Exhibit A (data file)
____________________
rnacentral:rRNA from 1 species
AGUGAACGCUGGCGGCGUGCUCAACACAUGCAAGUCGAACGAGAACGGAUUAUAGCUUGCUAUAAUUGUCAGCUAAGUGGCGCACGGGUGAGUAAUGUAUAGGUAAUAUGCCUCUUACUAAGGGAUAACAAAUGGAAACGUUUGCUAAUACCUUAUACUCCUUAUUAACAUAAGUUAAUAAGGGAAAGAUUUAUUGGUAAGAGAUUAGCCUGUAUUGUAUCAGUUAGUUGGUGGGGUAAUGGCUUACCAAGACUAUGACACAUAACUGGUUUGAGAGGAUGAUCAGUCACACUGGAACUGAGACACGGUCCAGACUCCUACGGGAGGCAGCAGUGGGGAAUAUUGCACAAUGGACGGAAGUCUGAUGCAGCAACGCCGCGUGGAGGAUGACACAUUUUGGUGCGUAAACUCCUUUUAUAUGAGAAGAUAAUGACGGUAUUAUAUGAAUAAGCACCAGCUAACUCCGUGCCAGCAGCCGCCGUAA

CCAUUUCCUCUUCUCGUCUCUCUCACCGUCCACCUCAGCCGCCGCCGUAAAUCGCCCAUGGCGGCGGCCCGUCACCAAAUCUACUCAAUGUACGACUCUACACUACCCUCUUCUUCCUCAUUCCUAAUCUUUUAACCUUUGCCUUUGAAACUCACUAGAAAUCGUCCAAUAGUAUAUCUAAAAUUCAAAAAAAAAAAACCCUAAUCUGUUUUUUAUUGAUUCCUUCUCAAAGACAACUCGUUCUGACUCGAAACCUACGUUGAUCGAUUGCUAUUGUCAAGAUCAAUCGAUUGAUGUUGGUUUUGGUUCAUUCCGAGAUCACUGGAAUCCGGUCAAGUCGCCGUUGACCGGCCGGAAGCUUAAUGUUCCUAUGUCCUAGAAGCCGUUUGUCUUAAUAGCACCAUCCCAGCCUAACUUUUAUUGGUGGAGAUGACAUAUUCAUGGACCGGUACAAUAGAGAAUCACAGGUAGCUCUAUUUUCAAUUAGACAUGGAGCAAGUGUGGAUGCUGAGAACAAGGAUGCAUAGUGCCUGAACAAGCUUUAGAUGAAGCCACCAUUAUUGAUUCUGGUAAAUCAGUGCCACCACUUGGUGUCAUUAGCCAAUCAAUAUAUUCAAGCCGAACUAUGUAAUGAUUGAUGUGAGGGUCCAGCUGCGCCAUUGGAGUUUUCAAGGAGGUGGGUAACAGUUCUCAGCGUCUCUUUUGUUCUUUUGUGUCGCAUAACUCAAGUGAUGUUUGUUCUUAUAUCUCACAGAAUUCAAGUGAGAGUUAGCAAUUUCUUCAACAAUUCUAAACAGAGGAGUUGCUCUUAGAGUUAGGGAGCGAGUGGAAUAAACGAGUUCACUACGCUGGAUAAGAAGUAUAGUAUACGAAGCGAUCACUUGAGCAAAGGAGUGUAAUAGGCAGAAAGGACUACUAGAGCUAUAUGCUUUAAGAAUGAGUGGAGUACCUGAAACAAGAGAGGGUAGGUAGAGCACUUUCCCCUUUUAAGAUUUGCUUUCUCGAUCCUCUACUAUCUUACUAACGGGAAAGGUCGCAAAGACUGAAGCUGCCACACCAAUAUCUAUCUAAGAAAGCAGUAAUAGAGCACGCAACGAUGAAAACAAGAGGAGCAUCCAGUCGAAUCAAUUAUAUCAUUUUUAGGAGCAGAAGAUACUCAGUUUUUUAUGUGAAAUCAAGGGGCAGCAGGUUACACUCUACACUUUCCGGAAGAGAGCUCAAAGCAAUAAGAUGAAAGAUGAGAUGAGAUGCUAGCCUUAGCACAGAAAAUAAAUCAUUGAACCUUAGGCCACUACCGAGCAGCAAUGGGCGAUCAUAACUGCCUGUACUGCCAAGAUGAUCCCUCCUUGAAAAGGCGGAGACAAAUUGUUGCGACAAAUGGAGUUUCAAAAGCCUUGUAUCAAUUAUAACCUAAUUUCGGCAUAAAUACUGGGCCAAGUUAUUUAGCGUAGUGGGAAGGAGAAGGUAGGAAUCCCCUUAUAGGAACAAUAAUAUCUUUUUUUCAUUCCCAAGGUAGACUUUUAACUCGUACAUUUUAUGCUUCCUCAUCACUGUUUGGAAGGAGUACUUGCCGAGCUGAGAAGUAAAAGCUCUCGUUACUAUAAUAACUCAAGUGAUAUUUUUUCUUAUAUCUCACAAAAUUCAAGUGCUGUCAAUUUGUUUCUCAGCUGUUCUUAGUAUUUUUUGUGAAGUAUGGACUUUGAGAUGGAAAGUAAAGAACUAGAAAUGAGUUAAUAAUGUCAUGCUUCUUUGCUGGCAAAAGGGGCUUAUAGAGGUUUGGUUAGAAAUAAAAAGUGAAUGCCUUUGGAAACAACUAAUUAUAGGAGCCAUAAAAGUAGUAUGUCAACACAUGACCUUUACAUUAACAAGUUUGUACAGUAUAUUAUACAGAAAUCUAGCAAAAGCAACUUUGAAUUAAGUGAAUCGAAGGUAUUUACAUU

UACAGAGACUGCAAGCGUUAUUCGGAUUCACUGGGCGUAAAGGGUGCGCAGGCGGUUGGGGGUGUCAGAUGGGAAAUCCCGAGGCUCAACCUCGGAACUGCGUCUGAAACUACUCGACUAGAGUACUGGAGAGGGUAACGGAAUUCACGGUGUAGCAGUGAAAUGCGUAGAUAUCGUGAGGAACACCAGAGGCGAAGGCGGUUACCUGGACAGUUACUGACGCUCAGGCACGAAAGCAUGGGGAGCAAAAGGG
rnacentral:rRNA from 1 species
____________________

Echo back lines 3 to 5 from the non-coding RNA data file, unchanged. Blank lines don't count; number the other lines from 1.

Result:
CCAUUUCCUCUUCUCGUCUCUCUCACCGUCCACCUCAGCCGCCGCCGUAAAUCGCCCAUGGCGGCGGCCCGUCACCAAAUCUACUCAAUGUACGACUCUACACUACCCUCUUCUUCCUCAUUCCUAAUCUUUUAACCUUUGCCUUUGAAACUCACUAGAAAUCGUCCAAUAGUAUAUCUAAAAUUCAAAAAAAAAAAACCCUAAUCUGUUUUUUAUUGAUUCCUUCUCAAAGACAACUCGUUCUGACUCGAAACCUACGUUGAUCGAUUGCUAUUGUCAAGAUCAAUCGAUUGAUGUUGGUUUUGGUUCAUUCCGAGAUCACUGGAAUCCGGUCAAGUCGCCGUUGACCGGCCGGAAGCUUAAUGUUCCUAUGUCCUAGAAGCCGUUUGUCUUAAUAGCACCAUCCCAGCCUAACUUUUAUUGGUGGAGAUGACAUAUUCAUGGACCGGUACAAUAGAGAAUCACAGGUAGCUCUAUUUUCAAUUAGACAUGGAGCAAGUGUGGAUGCUGAGAACAAGGAUGCAUAGUGCCUGAACAAGCUUUAGAUGAAGCCACCAUUAUUGAUUCUGGUAAAUCAGUGCCACCACUUGGUGUCAUUAGCCAAUCAAUAUAUUCAAGCCGAACUAUGUAAUGAUUGAUGUGAGGGUCCAGCUGCGCCAUUGGAGUUUUCAAGGAGGUGGGUAACAGUUCUCAGCGUCUCUUUUGUUCUUUUGUGUCGCAUAACUCAAGUGAUGUUUGUUCUUAUAUCUCACAGAAUUCAAGUGAGAGUUAGCAAUUUCUUCAACAAUUCUAAACAGAGGAGUUGCUCUUAGAGUUAGGGAGCGAGUGGAAUAAACGAGUUCACUACGCUGGAUAAGAAGUAUAGUAUACGAAGCGAUCACUUGAGCAAAGGAGUGUAAUAGGCAGAAAGGACUACUAGAGCUAUAUGCUUUAAGAAUGAGUGGAGUACCUGAAACAAGAGAGGGUAGGUAGAGCACUUUCCCCUUUUAAGAUUUGCUUUCUCGAUCCUCUACUAUCUUACUAACGGGAAAGGUCGCAAAGACUGAAGCUGCCACACCAAUAUCUAUCUAAGAAAGCAGUAAUAGAGCACGCAACGAUGAAAACAAGAGGAGCAUCCAGUCGAAUCAAUUAUAUCAUUUUUAGGAGCAGAAGAUACUCAGUUUUUUAUGUGAAAUCAAGGGGCAGCAGGUUACACUCUACACUUUCCGGAAGAGAGCUCAAAGCAAUAAGAUGAAAGAUGAGAUGAGAUGCUAGCCUUAGCACAGAAAAUAAAUCAUUGAACCUUAGGCCACUACCGAGCAGCAAUGGGCGAUCAUAACUGCCUGUACUGCCAAGAUGAUCCCUCCUUGAAAAGGCGGAGACAAAUUGUUGCGACAAAUGGAGUUUCAAAAGCCUUGUAUCAAUUAUAACCUAAUUUCGGCAUAAAUACUGGGCCAAGUUAUUUAGCGUAGUGGGAAGGAGAAGGUAGGAAUCCCCUUAUAGGAACAAUAAUAUCUUUUUUUCAUUCCCAAGGUAGACUUUUAACUCGUACAUUUUAUGCUUCCUCAUCACUGUUUGGAAGGAGUACUUGCCGAGCUGAGAAGUAAAAGCUCUCGUUACUAUAAUAACUCAAGUGAUAUUUUUUCUUAUAUCUCACAAAAUUCAAGUGCUGUCAAUUUGUUUCUCAGCUGUUCUUAGUAUUUUUUGUGAAGUAUGGACUUUGAGAUGGAAAGUAAAGAACUAGAAAUGAGUUAAUAAUGUCAUGCUUCUUUGCUGGCAAAAGGGGCUUAUAGAGGUUUGGUUAGAAAUAAAAAGUGAAUGCCUUUGGAAACAACUAAUUAUAGGAGCCAUAAAAGUAGUAUGUCAACACAUGACCUUUACAUUAACAAGUUUGUACAGUAUAUUAUACAGAAAUCUAGCAAAAGCAACUUUGAAUUAAGUGAAUCGAAGGUAUUUACAUU

UACAGAGACUGCAAGCGUUAUUCGGAUUCACUGGGCGUAAAGGGUGCGCAGGCGGUUGGGGGUGUCAGAUGGGAAAUCCCGAGGCUCAACCUCGGAACUGCGUCUGAAACUACUCGACUAGAGUACUGGAGAGGGUAACGGAAUUCACGGUGUAGCAGUGAAAUGCGUAGAUAUCGUGAGGAACACCAGAGGCGAAGGCGGUUACCUGGACAGUUACUGACGCUCAGGCACGAAAGCAUGGGGAGCAAAAGGG
rnacentral:rRNA from 1 species